[ubuntu-hardened] Re: AppArmor for Ubuntu
bleher at informatik.uni-muenchen.de
Fri Mar 3 22:53:04 GMT 2006
* Seth Arnold <seth.arnold at suse.de> [2006-03-02 21:47]:
> On Wed, Mar 01, 2006 at 02:09:09AM +0100, Thomas Bleher wrote:
> > Obvious question: How do you handle hardlinks?
> > How do you prevent a malicious program running as root from reading
> > /etc/shadow if the file is linked to /tmp/innocent and the program is
> > allowed to read files under /tmp?
> It is a matter of perspective. Typical label-based systems assume all
> processes are malicious and thus require much policy to address what
> they are allowed to do, which objects can be relabelled in which ways,
> Our perspective is slightly different, and we feel it is one that more
> closely matches the needs of typical Linux users.
> The AppArmor approach says that you will confine every process you do
> not trust. Any unconfined process is one you trust.
> A confined process can make hardlinks when (a) link permission is
> granted to the link name (ln(1) semantics; "newpath" in link(2)
> semantics) (b) the permissions on both the target and link name are
> identical in the profile. (With the exception of the 'l' permission.)
> A confined process thus cannot use a hardlink to gain more privileges
> than what is specified. The only way it could do so is via a second
> process. There are two cases to consider: either the second process is
> unconfined or the second process is also confined.
> In the first case, the cooperating process is unconfined. Because it is
> unconfined, by definition it is allowed to do anything. You trust it.
> (If you didn't, you'd confine it. ;)
> In the second case, the second process is confined. It can create a
> hardlink to a file if both (a) it has identical permissions on both
> source and destination (b) it also has 'link' permission on the
> destination. This attack makes sense if the second process has:
> /etc/shadow r,
> /tmp/foo rl,
> and the first profile has:
> /tmp/foo w,
> Due to an unfortunate coincidence (link permission is required to unlink
> files currently), 'link' access is liberally scattered about. The profiles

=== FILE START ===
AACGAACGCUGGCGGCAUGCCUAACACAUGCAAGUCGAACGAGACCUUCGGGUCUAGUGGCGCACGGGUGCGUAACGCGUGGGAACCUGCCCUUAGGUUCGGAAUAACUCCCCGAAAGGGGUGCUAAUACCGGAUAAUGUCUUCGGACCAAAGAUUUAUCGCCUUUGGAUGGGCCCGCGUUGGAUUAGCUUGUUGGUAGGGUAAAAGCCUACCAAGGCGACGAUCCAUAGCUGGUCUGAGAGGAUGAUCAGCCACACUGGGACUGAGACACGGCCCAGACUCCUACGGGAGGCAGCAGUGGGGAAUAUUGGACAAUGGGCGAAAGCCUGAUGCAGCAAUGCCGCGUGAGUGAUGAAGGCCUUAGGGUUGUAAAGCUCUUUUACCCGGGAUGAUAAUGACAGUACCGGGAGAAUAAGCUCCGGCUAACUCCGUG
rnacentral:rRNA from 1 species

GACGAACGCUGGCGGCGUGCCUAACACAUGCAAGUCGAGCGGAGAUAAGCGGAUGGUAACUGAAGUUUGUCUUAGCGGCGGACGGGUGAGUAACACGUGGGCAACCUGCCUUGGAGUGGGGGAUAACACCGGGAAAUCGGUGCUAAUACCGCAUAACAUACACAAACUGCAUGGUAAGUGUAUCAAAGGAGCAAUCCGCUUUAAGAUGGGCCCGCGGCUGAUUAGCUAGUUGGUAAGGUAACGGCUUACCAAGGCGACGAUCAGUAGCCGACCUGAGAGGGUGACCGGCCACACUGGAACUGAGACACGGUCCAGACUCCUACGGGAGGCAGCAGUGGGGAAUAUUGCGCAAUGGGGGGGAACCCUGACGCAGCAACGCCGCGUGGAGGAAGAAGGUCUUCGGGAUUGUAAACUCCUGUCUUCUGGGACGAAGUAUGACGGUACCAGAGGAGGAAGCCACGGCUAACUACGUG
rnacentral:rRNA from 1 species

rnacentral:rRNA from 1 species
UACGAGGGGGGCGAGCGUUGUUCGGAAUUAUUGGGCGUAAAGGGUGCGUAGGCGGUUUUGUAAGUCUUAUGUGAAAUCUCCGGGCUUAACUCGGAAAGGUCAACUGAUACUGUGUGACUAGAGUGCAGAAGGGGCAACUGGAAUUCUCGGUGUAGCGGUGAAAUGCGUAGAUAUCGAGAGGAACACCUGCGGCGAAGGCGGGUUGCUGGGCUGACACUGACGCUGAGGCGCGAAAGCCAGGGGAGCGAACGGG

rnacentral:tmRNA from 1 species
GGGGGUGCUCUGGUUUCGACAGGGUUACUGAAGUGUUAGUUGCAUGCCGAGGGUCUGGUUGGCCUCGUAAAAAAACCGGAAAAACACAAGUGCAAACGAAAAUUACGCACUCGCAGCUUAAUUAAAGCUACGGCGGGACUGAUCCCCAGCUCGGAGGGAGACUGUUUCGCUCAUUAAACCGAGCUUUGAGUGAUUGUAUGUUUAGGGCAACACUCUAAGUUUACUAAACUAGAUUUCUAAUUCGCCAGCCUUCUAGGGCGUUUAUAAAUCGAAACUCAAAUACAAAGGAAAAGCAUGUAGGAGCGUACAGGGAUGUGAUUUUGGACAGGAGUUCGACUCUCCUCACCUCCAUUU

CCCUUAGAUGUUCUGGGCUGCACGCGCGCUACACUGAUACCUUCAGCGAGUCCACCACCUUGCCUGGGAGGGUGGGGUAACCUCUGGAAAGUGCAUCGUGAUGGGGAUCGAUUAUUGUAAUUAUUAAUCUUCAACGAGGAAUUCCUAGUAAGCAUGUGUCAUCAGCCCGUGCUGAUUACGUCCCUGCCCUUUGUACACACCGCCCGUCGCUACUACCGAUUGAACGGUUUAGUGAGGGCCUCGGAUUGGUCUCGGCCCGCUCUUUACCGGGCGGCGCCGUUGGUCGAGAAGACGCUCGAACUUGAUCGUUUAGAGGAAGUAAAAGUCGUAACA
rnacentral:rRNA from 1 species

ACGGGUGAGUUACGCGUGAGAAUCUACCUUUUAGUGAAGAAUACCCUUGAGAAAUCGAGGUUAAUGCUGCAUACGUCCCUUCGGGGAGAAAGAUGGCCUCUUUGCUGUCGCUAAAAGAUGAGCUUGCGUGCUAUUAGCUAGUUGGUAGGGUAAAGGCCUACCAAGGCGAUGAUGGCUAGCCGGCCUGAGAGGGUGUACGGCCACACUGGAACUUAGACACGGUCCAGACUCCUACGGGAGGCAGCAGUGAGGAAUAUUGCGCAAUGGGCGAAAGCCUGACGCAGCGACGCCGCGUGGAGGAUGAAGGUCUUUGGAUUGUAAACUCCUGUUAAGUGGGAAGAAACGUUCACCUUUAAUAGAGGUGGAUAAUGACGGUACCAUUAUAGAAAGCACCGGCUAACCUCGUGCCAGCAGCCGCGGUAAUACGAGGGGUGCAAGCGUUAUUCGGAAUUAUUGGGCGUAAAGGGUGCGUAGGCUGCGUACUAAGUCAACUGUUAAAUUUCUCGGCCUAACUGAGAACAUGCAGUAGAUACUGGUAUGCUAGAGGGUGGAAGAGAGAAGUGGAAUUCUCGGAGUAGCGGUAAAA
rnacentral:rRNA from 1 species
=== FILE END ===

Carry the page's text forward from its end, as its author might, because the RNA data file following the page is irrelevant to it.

> we're going to ship for SUSE Linux 10.1, SLES10, NLD10, currently include
> 107 uses of the link permission.
> So far, this hasn't been a large concern for two reasons: First,
> and most important, coordinated attacks are not in our primary threat
> model; we have been more concerned with confining the effect of a single
> compromised domain.
> Second, a nice mitigating factor, most system administrators create
> enough partitions such that users are unable to create hardlinks to
> 'important' files.
Thank you very much for your explanation.
OK, this certainly is a valid perspective, but I feel it is a very
dangerous one. At least you should educate your users as most won't be
aware of the issues.
Let's consider the following scenario:
You don't completely trust your users. Confining them is not really
practical because they do many different things, eg read many different
files in /etc and all over the system (as a sidenode: do you have
inverted regexps, so that you can say: read everything in /etc, except
So what do you do? Probably you would confine every daemon and
privileged program so if there is a flaw in one of them your users can't
use it to escalate their privileges. One of these programs is a
ftp server which runs as root and (among other things) gives the
user read and write access to his homedir via ftp.
Assume further that the system just has one big partition.
Now the user find's an exploitable hole in the ftp server.
With SELinux the system is still safe (as a whole) because there's no
way the ftp server can read /etc/shadow (or any other critical file it
couldn't read before).
With AppArmor (as you describe it) the system is now compromised because
the user can just link /etc/shadow into his homedir and read it from
there with the help of the compromised daemon (or even write to it and
create a new account with uid 0!).
The more I think about this, the more problematic this seems:
I don't think there's any way to confine a ftp daemon like I described
above, even if you only have trusted users.
Just compromise the ftp daemon, modify one user's .bashrc to link
/etc/shadow to his homedir, and voila, the next time this user logs in
you have the file.
Does AppArmor provide any means to prevent this? I have a hard time
believing that there are holes as big as these in the security design of
I would appreciate your comments if the situation is as I decribed it
To me, this security model seems very fragile and hard to analyze, but
then, this is why I use SELinux.
: Yes, I know that it is better to partition the system, but in my
experience many users don't do this or know about the security benefits;
the security of our MAC system shouldn't depend on this.
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